Pause and say "Ah" a few times today. I plan to. Back to Nora McInerny's writing tomorrow. 

Tuesday, July 18, 2017

Looking for a Podcast? Try "Terrible, Thanks for Asking"

Today I am grateful for the ease of finding online images to use in lessons/presentations I am preparing for next school year. I am also grateful for the connections I have with others in recovery and how we laugh and commiserate.

Add podcasts to my gratitude list too. Podcasts were pretty new to me a few months ago when my friend Kelly suggested  "Terrible, Thanks for Asking."  Podcasts are simply audio files that can be downloaded off of the internet and listened to at your convenience on any number of devices. They often are a series with episodes and seasons just like television shows.

So I gave a listen to a couple of episodes of "Terrible, Thanks for Asking" and I really appreciated them. I have now listened to many of the episodes from season 1 and some of the mini-episodes as well. I look forward to season 2. This podcast is a creation of writer Nora McInerny, who hails from the Twin Cities area.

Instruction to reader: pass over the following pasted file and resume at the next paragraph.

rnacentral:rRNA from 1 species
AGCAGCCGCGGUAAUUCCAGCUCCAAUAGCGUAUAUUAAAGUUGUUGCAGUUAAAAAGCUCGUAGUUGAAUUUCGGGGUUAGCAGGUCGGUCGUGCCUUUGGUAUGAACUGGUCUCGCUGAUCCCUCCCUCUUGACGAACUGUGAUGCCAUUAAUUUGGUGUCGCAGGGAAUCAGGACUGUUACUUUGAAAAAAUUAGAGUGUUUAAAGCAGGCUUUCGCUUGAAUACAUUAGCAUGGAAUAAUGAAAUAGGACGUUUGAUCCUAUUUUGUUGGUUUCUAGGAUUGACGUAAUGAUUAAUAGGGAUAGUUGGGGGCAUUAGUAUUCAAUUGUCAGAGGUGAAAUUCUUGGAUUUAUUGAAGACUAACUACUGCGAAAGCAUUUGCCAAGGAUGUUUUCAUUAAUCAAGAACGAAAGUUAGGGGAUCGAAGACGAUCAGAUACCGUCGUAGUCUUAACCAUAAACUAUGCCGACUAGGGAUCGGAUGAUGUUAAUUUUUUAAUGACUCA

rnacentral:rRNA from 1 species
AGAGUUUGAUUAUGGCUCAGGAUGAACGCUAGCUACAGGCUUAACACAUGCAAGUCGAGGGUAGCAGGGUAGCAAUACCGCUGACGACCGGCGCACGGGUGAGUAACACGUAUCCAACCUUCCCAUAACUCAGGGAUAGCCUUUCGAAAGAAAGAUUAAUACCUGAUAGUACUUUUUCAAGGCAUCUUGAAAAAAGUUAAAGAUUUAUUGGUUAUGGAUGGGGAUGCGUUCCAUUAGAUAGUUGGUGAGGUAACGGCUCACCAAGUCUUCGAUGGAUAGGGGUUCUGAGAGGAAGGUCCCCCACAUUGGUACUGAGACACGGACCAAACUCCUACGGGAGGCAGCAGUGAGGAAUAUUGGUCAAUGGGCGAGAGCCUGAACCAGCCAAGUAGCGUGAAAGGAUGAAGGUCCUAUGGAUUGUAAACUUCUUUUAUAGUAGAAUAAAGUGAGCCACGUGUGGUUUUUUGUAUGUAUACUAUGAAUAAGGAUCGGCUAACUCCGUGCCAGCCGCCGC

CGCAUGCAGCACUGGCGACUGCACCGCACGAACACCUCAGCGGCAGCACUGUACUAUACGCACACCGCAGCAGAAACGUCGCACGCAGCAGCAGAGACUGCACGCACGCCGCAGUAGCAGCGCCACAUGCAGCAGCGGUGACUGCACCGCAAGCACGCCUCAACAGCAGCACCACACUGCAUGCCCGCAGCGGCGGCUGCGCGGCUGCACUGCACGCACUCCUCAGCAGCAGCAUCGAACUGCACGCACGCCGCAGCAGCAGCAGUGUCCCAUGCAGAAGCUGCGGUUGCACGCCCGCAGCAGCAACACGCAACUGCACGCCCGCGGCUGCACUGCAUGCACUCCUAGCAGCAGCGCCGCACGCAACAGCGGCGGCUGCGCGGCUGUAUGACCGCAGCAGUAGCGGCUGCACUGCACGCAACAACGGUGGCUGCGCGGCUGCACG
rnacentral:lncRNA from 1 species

McInerny had a miscarriage, and watched both her husband and her father die of cancer, all within a matter of weeks back in 2014. The premise of her podcast is to talk about the tough stuff, to not say the obligatory "fine" when someone asks us how we are doing. (Unless, of course, we are fine.)

From the website, here are the words describing TTFA:

You know how every day someone asks “how are you?” And even if you’re totally dying inside, you just say “fine,” so everyone can go about their day? This show is the opposite of that. Hosted by author (It's Okay to Laugh (Crying Is Cool Too)) and notable widow (her words) Nora McInerny, this is a funny/sad/uncomfortable podcast about talking honestly about our pain, our awkwardness, and our humanness, which is not an actual word.

Her approach is compassionate, genuine, and runs the range of emotions. She has a comfortable style imbued with wonderful humor. In other words, my kind of material. Pain, loss, and grief are part of our human existence. Let's talk about them and shine light on them so we can keep living and have some hope and healing. That's this podcast in a nutshell. 

I encourage you to give a listen to TTFA. More tomorrow on Nora McInerny's book. Thanks for the suggestion Kelly!

Monday, July 17, 2017

Packed and Unpacked

Today I am grateful for safe travels this weekend and for the productive and successful time we had moving my mother-in-law Marlene.

I am thinking today of several people currently facing cancer treatment, decisions, and results; especially Leonice, Eric, Pam, Jessie, and Katie.

Back to Marlene and her move. She has known for years that her home would be replaced by a major road construction project in her community of Sioux Falls, SD. The process picked up about a year ago with meetings and paperwork, and this spring she started looking for a new place.